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Rescue teams stand on the capsized hull of the USS Oklahoma on Dec. 7, 1941, in an attempt to save crew members trapped inside.
Rescue teams stand on the capsized hull of the USS Oklahoma on Dec. 7, 1941, in an attempt to save crew members trapped inside. (U.S. National Archives)

FORT SHAFTER, Hawaii – The Defense Department expects by year’s end to have identified 90% of the exhumed remains of 388 sailors and Marines who died aboard the USS Oklahoma during the 1941 surprise attack on Pearl Harbor and were buried as unknowns in Hawaii.

“The identification of 338 individuals, to date, from the USS Oklahoma represents the first successful completion of a project of such scope and complexity,” the Defense POW/MIA Accounting Agency said in a news release Tuesday.

The agency spearheads the nation’s effort to identify and account for missing service members lost during World War II and all subsequent conflicts.

Active work on the USS Oklahoma project is expected to end later this year, the DPAA said in a statement provided to Stars and Stripes.

"Nearly 86% of unknowns from the USS Oklahoma have been individually identified and it is expected that 90% will be identified by the end of the project, surpassing the original projected estimate of 80% " the release said.

The USS Oklahoma was moored on Battleship Row on the morning of Dec. 7, 1941, when Japanese torpedo bombers descended on Pearl Harbor. Several made direct hits on the ship, capsizing it and killing 429 crew members.

After being moved to several gravesites, the remains of 394 sailors and Marines who died that day – all too badly burned, disfigured or decayed to identify – were laid to rest in 46 plots for the unknown in 1950 at the National Memorial Cemetery of the Pacific, also known as the Punchbowl, in Honolulu.

The remains might never have been identified if not for Ray Emory, a Pearl Harbor attack survivor who retired in Hawaii. In the late 1990s, he began researching information about the Oklahoma unknown graves and uncovered evidence of the identity of several of the remains.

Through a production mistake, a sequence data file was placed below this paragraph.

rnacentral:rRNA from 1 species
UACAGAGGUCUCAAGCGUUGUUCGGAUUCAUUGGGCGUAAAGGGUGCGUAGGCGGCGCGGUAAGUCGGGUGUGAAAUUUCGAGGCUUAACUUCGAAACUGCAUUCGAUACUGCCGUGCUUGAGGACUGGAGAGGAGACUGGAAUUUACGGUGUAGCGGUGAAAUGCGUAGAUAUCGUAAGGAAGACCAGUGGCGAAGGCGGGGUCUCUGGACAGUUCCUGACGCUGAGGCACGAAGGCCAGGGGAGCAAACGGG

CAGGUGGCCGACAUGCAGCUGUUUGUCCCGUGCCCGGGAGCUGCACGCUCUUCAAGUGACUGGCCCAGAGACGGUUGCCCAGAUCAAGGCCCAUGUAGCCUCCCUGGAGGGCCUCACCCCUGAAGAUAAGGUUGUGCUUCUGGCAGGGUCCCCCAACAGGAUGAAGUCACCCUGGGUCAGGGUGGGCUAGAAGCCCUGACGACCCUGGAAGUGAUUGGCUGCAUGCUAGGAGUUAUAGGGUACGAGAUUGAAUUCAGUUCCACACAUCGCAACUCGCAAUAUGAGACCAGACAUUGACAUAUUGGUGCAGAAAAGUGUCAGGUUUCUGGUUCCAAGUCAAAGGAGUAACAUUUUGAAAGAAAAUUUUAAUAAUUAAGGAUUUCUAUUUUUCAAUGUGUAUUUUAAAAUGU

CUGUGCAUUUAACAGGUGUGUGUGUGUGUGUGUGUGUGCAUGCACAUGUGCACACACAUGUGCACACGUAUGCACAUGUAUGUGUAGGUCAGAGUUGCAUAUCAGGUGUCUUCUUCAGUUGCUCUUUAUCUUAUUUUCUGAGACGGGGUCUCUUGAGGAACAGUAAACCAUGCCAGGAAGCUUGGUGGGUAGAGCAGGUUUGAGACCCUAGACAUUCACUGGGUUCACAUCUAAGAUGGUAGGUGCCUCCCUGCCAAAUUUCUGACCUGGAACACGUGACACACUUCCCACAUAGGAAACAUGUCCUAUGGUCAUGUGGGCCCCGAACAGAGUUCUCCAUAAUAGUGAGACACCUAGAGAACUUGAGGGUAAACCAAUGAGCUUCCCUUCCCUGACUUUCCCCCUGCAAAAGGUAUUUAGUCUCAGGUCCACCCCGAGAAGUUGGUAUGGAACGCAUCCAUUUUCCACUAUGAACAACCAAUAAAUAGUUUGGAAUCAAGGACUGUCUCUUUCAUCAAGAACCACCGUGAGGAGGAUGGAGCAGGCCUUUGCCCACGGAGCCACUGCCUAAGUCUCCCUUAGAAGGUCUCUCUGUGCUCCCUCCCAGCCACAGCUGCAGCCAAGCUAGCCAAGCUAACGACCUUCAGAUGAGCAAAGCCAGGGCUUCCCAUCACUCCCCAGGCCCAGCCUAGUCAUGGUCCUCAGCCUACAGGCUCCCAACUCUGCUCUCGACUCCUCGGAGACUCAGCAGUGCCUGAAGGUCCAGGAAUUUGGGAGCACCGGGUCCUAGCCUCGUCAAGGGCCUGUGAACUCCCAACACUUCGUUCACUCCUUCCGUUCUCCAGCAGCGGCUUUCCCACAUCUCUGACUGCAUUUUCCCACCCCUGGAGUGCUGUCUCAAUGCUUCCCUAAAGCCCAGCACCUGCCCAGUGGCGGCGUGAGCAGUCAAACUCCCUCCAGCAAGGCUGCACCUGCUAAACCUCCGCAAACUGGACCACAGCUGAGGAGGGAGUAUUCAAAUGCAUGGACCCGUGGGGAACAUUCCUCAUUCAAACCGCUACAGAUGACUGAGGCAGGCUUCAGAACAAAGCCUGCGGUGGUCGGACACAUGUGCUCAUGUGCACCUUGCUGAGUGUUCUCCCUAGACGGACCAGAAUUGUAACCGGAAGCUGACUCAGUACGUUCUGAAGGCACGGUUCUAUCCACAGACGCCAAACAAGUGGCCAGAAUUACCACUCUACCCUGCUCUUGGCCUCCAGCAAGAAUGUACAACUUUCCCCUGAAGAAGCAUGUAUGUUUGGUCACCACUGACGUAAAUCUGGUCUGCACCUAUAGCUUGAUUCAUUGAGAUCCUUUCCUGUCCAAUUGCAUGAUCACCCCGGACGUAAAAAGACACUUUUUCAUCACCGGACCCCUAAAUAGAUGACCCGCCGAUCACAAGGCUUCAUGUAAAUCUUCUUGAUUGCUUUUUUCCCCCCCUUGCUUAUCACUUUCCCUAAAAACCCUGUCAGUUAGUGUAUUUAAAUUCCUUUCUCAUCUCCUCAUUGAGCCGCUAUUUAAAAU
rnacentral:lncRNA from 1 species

In 2003, the Defense Department agreed to disinter one casket of commingled remains based on Emory’s findings, and five sailors were identified at a DOD lab at Joint Base Pearl Harbor-Hickam.

Emory, who died in 2018, pressed for more exhumations of Oklahoma unknowns, and in 2015 Defense Department officials approved disinterment of all unknown graves at the Punchbowl associated with the Oklahoma.

Those remains – representing 388 sailors and Marines – were disinterred in 2015 and transferred to DPAA’s lab in Nebraska for DNA testing.

“Since then, DPAA anthropologists and odontologists, located primarily at Offutt Air Force Base, Nebraska, have worked to sort and analyze over 13,000 bones and associate them to missing Sailors and Marines,” the agency said Tuesday.

“Genealogists from the Navy and Marine Corps Casualty Offices conducted research to find family members so that DNA testing could be conducted by scientists at the Armed Forces Medical Examiner System, all of which were critical components in the identification process.”

The Defense Department does not have DNA reference samples from next of kin for 11 of the service members still unaccounted for from the Oklahoma, the agency told Stars and Stripes.

“We have requested all the [family reference samples] for the unaccounted-for associated with the USS Oklahoma,” the statement said.

As for remains of Oklahoma service members for whom DOD has no sample, the Navy cannot find a next of kin or the next of kin has declined to participate, according to the DPAA statement.

Work on some remains took longer than others because additional DNA testing had to be conducted by the Armed Forces Medical Examiner System, the statement said.

“For example, there were multiple sets of brothers missing from the incident, so DNA had to be joined with additional lines of evidence to resolve them individually,” the statement said.

Twitter: @WyattWOlson

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